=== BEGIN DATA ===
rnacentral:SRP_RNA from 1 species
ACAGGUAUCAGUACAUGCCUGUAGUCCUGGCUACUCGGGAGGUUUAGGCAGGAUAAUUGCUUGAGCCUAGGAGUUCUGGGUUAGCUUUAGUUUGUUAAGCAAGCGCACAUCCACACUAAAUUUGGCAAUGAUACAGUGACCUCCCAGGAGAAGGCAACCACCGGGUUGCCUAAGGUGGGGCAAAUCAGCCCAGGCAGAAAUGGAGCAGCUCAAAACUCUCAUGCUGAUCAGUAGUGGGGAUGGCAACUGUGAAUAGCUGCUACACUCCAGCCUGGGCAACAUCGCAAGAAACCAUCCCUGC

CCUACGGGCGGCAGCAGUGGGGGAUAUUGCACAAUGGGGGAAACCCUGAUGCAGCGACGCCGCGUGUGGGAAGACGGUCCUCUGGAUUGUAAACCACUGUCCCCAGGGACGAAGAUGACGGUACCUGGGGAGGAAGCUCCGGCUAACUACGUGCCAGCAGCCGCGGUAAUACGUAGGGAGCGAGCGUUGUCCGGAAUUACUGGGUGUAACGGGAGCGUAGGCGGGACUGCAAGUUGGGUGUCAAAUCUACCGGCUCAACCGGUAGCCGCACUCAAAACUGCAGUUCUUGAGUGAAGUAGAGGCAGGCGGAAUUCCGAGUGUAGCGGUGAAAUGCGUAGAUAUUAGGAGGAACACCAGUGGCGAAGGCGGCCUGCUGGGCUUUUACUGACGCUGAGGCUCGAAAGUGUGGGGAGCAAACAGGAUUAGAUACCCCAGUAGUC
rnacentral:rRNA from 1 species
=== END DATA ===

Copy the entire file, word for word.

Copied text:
rnacentral:SRP_RNA from 1 species
ACAGGUAUCAGUACAUGCCUGUAGUCCUGGCUACUCGGGAGGUUUAGGCAGGAUAAUUGCUUGAGCCUAGGAGUUCUGGGUUAGCUUUAGUUUGUUAAGCAAGCGCACAUCCACACUAAAUUUGGCAAUGAUACAGUGACCUCCCAGGAGAAGGCAACCACCGGGUUGCCUAAGGUGGGGCAAAUCAGCCCAGGCAGAAAUGGAGCAGCUCAAAACUCUCAUGCUGAUCAGUAGUGGGGAUGGCAACUGUGAAUAGCUGCUACACUCCAGCCUGGGCAACAUCGCAAGAAACCAUCCCUGC

CCUACGGGCGGCAGCAGUGGGGGAUAUUGCACAAUGGGGGAAACCCUGAUGCAGCGACGCCGCGUGUGGGAAGACGGUCCUCUGGAUUGUAAACCACUGUCCCCAGGGACGAAGAUGACGGUACCUGGGGAGGAAGCUCCGGCUAACUACGUGCCAGCAGCCGCGGUAAUACGUAGGGAGCGAGCGUUGUCCGGAAUUACUGGGUGUAACGGGAGCGUAGGCGGGACUGCAAGUUGGGUGUCAAAUCUACCGGCUCAACCGGUAGCCGCACUCAAAACUGCAGUUCUUGAGUGAAGUAGAGGCAGGCGGAAUUCCGAGUGUAGCGGUGAAAUGCGUAGAUAUUAGGAGGAACACCAGUGGCGAAGGCGGCCUGCUGGGCUUUUACUGACGCUGAGGCUCGAAAGUGUGGGGAGCAAACAGGAUUAGAUACCCCAGUAGUC
rnacentral:rRNA from 1 species